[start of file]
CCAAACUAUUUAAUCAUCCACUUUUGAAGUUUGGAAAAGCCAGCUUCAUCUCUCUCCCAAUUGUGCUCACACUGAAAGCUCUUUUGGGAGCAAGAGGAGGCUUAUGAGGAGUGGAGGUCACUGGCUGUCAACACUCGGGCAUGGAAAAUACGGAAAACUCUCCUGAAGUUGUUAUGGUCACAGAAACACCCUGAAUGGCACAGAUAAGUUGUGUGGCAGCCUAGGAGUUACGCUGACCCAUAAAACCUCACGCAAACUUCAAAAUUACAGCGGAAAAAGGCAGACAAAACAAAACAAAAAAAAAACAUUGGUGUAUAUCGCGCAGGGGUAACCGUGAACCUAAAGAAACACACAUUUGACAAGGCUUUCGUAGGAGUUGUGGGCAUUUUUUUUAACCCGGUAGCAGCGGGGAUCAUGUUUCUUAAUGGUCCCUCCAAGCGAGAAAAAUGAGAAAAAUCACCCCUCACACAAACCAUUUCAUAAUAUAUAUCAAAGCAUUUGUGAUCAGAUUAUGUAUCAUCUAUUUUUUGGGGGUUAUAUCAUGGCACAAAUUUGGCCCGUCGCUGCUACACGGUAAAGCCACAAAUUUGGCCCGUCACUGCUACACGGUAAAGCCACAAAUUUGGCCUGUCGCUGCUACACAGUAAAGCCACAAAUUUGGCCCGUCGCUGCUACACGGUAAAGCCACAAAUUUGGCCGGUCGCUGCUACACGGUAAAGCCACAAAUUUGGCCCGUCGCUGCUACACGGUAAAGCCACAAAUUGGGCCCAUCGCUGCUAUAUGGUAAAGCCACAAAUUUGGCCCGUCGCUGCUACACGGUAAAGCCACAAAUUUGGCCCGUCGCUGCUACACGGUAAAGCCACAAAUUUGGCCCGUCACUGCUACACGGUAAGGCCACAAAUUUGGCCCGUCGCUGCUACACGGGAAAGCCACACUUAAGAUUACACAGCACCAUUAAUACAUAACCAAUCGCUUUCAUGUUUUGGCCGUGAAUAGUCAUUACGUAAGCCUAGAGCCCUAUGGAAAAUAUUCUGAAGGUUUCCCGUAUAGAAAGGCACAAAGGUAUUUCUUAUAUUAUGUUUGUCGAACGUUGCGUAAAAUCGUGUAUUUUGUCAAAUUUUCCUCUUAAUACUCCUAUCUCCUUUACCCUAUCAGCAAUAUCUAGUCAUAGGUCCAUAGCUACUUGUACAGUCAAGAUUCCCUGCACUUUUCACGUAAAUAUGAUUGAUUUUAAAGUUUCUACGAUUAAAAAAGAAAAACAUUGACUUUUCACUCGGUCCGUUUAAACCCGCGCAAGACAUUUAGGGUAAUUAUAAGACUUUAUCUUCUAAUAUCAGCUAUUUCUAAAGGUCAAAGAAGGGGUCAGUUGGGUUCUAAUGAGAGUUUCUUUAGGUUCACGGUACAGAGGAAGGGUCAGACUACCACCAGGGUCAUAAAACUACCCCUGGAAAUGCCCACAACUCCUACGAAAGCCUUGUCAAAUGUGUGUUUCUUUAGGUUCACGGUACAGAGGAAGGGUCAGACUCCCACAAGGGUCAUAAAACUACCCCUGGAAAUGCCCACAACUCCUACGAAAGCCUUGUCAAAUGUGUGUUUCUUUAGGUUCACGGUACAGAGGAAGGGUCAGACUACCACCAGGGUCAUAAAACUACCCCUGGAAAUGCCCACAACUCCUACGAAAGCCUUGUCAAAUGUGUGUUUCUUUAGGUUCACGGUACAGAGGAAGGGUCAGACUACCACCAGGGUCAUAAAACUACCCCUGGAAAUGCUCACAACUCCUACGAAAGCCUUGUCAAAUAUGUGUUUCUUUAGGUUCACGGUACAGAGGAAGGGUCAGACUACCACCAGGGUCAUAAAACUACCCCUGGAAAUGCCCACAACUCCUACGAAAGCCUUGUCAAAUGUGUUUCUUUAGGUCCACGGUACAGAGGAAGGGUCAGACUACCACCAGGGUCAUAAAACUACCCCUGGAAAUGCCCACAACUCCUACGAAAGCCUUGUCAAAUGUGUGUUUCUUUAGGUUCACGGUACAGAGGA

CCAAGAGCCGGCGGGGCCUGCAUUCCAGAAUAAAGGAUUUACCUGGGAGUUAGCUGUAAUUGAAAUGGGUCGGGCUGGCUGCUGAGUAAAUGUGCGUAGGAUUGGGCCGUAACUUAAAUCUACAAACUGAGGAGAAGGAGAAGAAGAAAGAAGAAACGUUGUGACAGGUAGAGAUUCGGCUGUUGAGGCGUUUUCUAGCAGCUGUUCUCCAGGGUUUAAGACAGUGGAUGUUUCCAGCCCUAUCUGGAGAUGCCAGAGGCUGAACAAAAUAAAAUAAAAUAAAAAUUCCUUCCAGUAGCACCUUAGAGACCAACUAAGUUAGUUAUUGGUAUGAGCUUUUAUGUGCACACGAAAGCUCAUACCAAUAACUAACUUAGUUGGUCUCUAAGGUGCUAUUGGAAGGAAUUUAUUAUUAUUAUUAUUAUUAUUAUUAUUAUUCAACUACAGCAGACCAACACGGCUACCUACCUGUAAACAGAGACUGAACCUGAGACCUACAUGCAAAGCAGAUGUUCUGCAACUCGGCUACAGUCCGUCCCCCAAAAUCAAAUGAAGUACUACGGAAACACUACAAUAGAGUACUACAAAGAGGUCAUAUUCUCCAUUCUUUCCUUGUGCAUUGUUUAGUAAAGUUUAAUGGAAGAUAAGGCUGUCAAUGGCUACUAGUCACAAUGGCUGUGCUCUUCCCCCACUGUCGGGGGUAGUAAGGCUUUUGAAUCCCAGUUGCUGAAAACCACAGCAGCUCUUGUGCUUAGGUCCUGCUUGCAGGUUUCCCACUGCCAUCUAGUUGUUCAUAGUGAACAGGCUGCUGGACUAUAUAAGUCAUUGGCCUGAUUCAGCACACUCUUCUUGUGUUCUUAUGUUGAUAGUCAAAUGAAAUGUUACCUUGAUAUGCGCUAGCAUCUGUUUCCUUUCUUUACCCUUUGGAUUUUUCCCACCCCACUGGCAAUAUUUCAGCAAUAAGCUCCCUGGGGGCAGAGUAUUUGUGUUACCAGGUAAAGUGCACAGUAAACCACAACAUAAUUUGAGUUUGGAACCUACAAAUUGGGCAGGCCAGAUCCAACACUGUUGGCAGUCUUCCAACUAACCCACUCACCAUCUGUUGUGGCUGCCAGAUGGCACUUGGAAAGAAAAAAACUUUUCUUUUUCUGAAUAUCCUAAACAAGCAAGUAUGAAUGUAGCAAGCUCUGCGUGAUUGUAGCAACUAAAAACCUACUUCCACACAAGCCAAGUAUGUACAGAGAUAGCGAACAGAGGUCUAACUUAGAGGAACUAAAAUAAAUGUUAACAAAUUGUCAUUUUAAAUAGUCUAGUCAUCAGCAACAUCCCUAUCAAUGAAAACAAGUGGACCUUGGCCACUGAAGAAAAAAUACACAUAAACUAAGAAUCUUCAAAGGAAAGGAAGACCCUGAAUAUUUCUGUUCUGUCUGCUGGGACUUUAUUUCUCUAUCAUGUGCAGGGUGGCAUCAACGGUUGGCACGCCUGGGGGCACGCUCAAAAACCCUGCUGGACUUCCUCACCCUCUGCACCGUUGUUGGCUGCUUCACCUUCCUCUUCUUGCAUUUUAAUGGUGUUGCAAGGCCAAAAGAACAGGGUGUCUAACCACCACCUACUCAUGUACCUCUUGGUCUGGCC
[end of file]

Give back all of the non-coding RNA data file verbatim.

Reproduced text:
CCAAACUAUUUAAUCAUCCACUUUUGAAGUUUGGAAAAGCCAGCUUCAUCUCUCUCCCAAUUGUGCUCACACUGAAAGCUCUUUUGGGAGCAAGAGGAGGCUUAUGAGGAGUGGAGGUCACUGGCUGUCAACACUCGGGCAUGGAAAAUACGGAAAACUCUCCUGAAGUUGUUAUGGUCACAGAAACACCCUGAAUGGCACAGAUAAGUUGUGUGGCAGCCUAGGAGUUACGCUGACCCAUAAAACCUCACGCAAACUUCAAAAUUACAGCGGAAAAAGGCAGACAAAACAAAACAAAAAAAAAACAUUGGUGUAUAUCGCGCAGGGGUAACCGUGAACCUAAAGAAACACACAUUUGACAAGGCUUUCGUAGGAGUUGUGGGCAUUUUUUUUAACCCGGUAGCAGCGGGGAUCAUGUUUCUUAAUGGUCCCUCCAAGCGAGAAAAAUGAGAAAAAUCACCCCUCACACAAACCAUUUCAUAAUAUAUAUCAAAGCAUUUGUGAUCAGAUUAUGUAUCAUCUAUUUUUUGGGGGUUAUAUCAUGGCACAAAUUUGGCCCGUCGCUGCUACACGGUAAAGCCACAAAUUUGGCCCGUCACUGCUACACGGUAAAGCCACAAAUUUGGCCUGUCGCUGCUACACAGUAAAGCCACAAAUUUGGCCCGUCGCUGCUACACGGUAAAGCCACAAAUUUGGCCGGUCGCUGCUACACGGUAAAGCCACAAAUUUGGCCCGUCGCUGCUACACGGUAAAGCCACAAAUUGGGCCCAUCGCUGCUAUAUGGUAAAGCCACAAAUUUGGCCCGUCGCUGCUACACGGUAAAGCCACAAAUUUGGCCCGUCGCUGCUACACGGUAAAGCCACAAAUUUGGCCCGUCACUGCUACACGGUAAGGCCACAAAUUUGGCCCGUCGCUGCUACACGGGAAAGCCACACUUAAGAUUACACAGCACCAUUAAUACAUAACCAAUCGCUUUCAUGUUUUGGCCGUGAAUAGUCAUUACGUAAGCCUAGAGCCCUAUGGAAAAUAUUCUGAAGGUUUCCCGUAUAGAAAGGCACAAAGGUAUUUCUUAUAUUAUGUUUGUCGAACGUUGCGUAAAAUCGUGUAUUUUGUCAAAUUUUCCUCUUAAUACUCCUAUCUCCUUUACCCUAUCAGCAAUAUCUAGUCAUAGGUCCAUAGCUACUUGUACAGUCAAGAUUCCCUGCACUUUUCACGUAAAUAUGAUUGAUUUUAAAGUUUCUACGAUUAAAAAAGAAAAACAUUGACUUUUCACUCGGUCCGUUUAAACCCGCGCAAGACAUUUAGGGUAAUUAUAAGACUUUAUCUUCUAAUAUCAGCUAUUUCUAAAGGUCAAAGAAGGGGUCAGUUGGGUUCUAAUGAGAGUUUCUUUAGGUUCACGGUACAGAGGAAGGGUCAGACUACCACCAGGGUCAUAAAACUACCCCUGGAAAUGCCCACAACUCCUACGAAAGCCUUGUCAAAUGUGUGUUUCUUUAGGUUCACGGUACAGAGGAAGGGUCAGACUCCCACAAGGGUCAUAAAACUACCCCUGGAAAUGCCCACAACUCCUACGAAAGCCUUGUCAAAUGUGUGUUUCUUUAGGUUCACGGUACAGAGGAAGGGUCAGACUACCACCAGGGUCAUAAAACUACCCCUGGAAAUGCCCACAACUCCUACGAAAGCCUUGUCAAAUGUGUGUUUCUUUAGGUUCACGGUACAGAGGAAGGGUCAGACUACCACCAGGGUCAUAAAACUACCCCUGGAAAUGCUCACAACUCCUACGAAAGCCUUGUCAAAUAUGUGUUUCUUUAGGUUCACGGUACAGAGGAAGGGUCAGACUACCACCAGGGUCAUAAAACUACCCCUGGAAAUGCCCACAACUCCUACGAAAGCCUUGUCAAAUGUGUUUCUUUAGGUCCACGGUACAGAGGAAGGGUCAGACUACCACCAGGGUCAUAAAACUACCCCUGGAAAUGCCCACAACUCCUACGAAAGCCUUGUCAAAUGUGUGUUUCUUUAGGUUCACGGUACAGAGGA

CCAAGAGCCGGCGGGGCCUGCAUUCCAGAAUAAAGGAUUUACCUGGGAGUUAGCUGUAAUUGAAAUGGGUCGGGCUGGCUGCUGAGUAAAUGUGCGUAGGAUUGGGCCGUAACUUAAAUCUACAAACUGAGGAGAAGGAGAAGAAGAAAGAAGAAACGUUGUGACAGGUAGAGAUUCGGCUGUUGAGGCGUUUUCUAGCAGCUGUUCUCCAGGGUUUAAGACAGUGGAUGUUUCCAGCCCUAUCUGGAGAUGCCAGAGGCUGAACAAAAUAAAAUAAAAUAAAAAUUCCUUCCAGUAGCACCUUAGAGACCAACUAAGUUAGUUAUUGGUAUGAGCUUUUAUGUGCACACGAAAGCUCAUACCAAUAACUAACUUAGUUGGUCUCUAAGGUGCUAUUGGAAGGAAUUUAUUAUUAUUAUUAUUAUUAUUAUUAUUAUUCAACUACAGCAGACCAACACGGCUACCUACCUGUAAACAGAGACUGAACCUGAGACCUACAUGCAAAGCAGAUGUUCUGCAACUCGGCUACAGUCCGUCCCCCAAAAUCAAAUGAAGUACUACGGAAACACUACAAUAGAGUACUACAAAGAGGUCAUAUUCUCCAUUCUUUCCUUGUGCAUUGUUUAGUAAAGUUUAAUGGAAGAUAAGGCUGUCAAUGGCUACUAGUCACAAUGGCUGUGCUCUUCCCCCACUGUCGGGGGUAGUAAGGCUUUUGAAUCCCAGUUGCUGAAAACCACAGCAGCUCUUGUGCUUAGGUCCUGCUUGCAGGUUUCCCACUGCCAUCUAGUUGUUCAUAGUGAACAGGCUGCUGGACUAUAUAAGUCAUUGGCCUGAUUCAGCACACUCUUCUUGUGUUCUUAUGUUGAUAGUCAAAUGAAAUGUUACCUUGAUAUGCGCUAGCAUCUGUUUCCUUUCUUUACCCUUUGGAUUUUUCCCACCCCACUGGCAAUAUUUCAGCAAUAAGCUCCCUGGGGGCAGAGUAUUUGUGUUACCAGGUAAAGUGCACAGUAAACCACAACAUAAUUUGAGUUUGGAACCUACAAAUUGGGCAGGCCAGAUCCAACACUGUUGGCAGUCUUCCAACUAACCCACUCACCAUCUGUUGUGGCUGCCAGAUGGCACUUGGAAAGAAAAAAACUUUUCUUUUUCUGAAUAUCCUAAACAAGCAAGUAUGAAUGUAGCAAGCUCUGCGUGAUUGUAGCAACUAAAAACCUACUUCCACACAAGCCAAGUAUGUACAGAGAUAGCGAACAGAGGUCUAACUUAGAGGAACUAAAAUAAAUGUUAACAAAUUGUCAUUUUAAAUAGUCUAGUCAUCAGCAACAUCCCUAUCAAUGAAAACAAGUGGACCUUGGCCACUGAAGAAAAAAUACACAUAAACUAAGAAUCUUCAAAGGAAAGGAAGACCCUGAAUAUUUCUGUUCUGUCUGCUGGGACUUUAUUUCUCUAUCAUGUGCAGGGUGGCAUCAACGGUUGGCACGCCUGGGGGCACGCUCAAAAACCCUGCUGGACUUCCUCACCCUCUGCACCGUUGUUGGCUGCUUCACCUUCCUCUUCUUGCAUUUUAAUGGUGUUGCAAGGCCAAAAGAACAGGGUGUCUAACCACCACCUACUCAUGUACCUCUUGGUCUGGCC